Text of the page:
The Best Way To Honor Tamir Rice is by Reforming Our Broken Justice System
Michael Brown – no indictment.
Eric Garner – no indictment.
Sandra Bland – no indictment.
And now Tamir Rice.
What will it take for our courts to accept the responsibility for at least attempting to seek justice?
When will our judicial system deem the death of people of color at the hands of law enforcement to at least be worthy of a trial?
Brown had no weapon but was shot to death by law enforcement.
Garner had no weapon but was choked to death by police.
Bland had no weapon but was found hanged in her jail cell after being assaulted by police during a traffic stop.
This is not justice. This is a national travesty that continues to be played out daily. How many more human beings will be ground under the boot of a system that finds no value in their lives?
And don’t give me any of your excuses! Police were just doing their job! These people should have listened to law enforcement! Rice shouldn’t have had a pellet gun!
Listen to yourself. Lethal force is the only option!? Police have no tasers anymore, no pepper spray? Their guns only fire death strokes? They can’t hit non-vital areas meant to incapacitate but not kill?
What a bunch of cowards we are if we don’t demand police publicly explain themselves when they kill another human being – especially someone who posed them no bodily harm! How morally and spiritually bankrupt a nation we are not to weigh the evidence and decide guilt or innocence! “Freedom and justice for all!?” What a sham! What a lie! What a farce!
I don’t know about you, but I am sick of it. I refuse to put up with it for even one more day.
But what can we do?
When reading about these government sanctioned murders, I feel helpless. I’m just one person. What can I do to stop it?
Here are a few suggestions:
1) Ban Grand Juries in Fatal Shootings by Police
Connecticut and – most recently – California already have laws to this effect. District attorneys should have to decide whether officers face criminal charges when they kill people in the line of duty. This decision should be made in the light of day in full view of the public and not behind the closed doors of a grand jury hearing. These hearings involve no judges or defense attorneys and the transcripts of these proceedings are almost always sealed.
The problem is that district attorneys work closely with police and depend on them for political support. Sending cases like these to a grand jury gets the DA off the hook so he or she doesn’t offend the officers.
If the decision had to be made in public, voters could hold DAs accountable. With the grand jury system, there are no consequences because we have no concrete evidence about what happened during the proceedings, what arguments were made, by whom and who made what decisions. That’s a poor breeding ground for justice.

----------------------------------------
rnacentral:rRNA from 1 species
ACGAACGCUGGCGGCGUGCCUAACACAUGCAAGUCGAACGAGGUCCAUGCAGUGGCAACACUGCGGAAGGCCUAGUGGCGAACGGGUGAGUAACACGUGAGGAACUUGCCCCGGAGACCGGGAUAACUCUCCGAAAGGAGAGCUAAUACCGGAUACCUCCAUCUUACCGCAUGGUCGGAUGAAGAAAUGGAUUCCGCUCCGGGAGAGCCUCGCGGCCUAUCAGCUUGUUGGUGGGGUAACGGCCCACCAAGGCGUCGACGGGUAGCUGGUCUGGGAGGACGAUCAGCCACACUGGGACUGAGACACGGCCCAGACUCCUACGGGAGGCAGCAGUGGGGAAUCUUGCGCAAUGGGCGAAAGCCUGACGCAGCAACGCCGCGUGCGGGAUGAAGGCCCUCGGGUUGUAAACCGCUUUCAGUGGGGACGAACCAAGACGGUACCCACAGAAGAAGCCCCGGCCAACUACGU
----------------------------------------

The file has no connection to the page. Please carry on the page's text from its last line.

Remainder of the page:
2) Construct a National Database on Police Killings
Right now there is no way to tell exactly how many people are killed by law enforcement in this country every year. Moreover, there is no way to tell if officers involved in these killings were ever charged.
Information can be compiled state-by-state, often through unofficial and anecdotal sources. However, this does not nearly give the full picture of what is going on. The people of this country deserve to know the full scope of the issue. That’s why apologists often claim these sorts of incidents are relatively rare and blown out of proportion by the media. But are they? A national database would prove the matter one way or the other.
Federal law from 1994 already calls for just such a database, yet it has not been funded. This may be due in part to the cost. A pilot study found that it would take a decade and cost $1 billion.
Certainly this is not a quick fix. But don’t we deserve to know this information? And isn’t it suspicious that nothing is being done to compile this data now?
3) Overturn Graham v. Connor
Perhaps the biggest obstacle to seeking justice for those unnecessarily killed by police is a precedent set by the U.S. Supreme Court 25 years ago. Graham v. Connor effectively ruled that police can kill you if they feel you present a “reasonable” threat to their own lives.
The problem is the word “reasonable.” What does that mean? In court, it can be almost anything. It’s a “Get Out of Jail Free” card to police for wanton murder. Justice Sonia Sotomayor calls this a “Shoot first, think later” approach to policing. She says this violates the Fourth Amendment which stipulates what counts as “probable cause” for police actions including arrests. However, Sotomayor is the only sitting justice publicly to take this stance.
This is why without more robust protections for citizens and more realistic expectations for law enforcement, even when cases like these go to court, they rarely result in police convictions.
But courts change. Public opinion can move mountains if given enough time. We need to start putting on the pressure.
In the meantime, let us grieve for all the Browns, Garners, Blands and Rices.
Their lives matter. And the best way to prove that is to get off our collective asses and do something about it.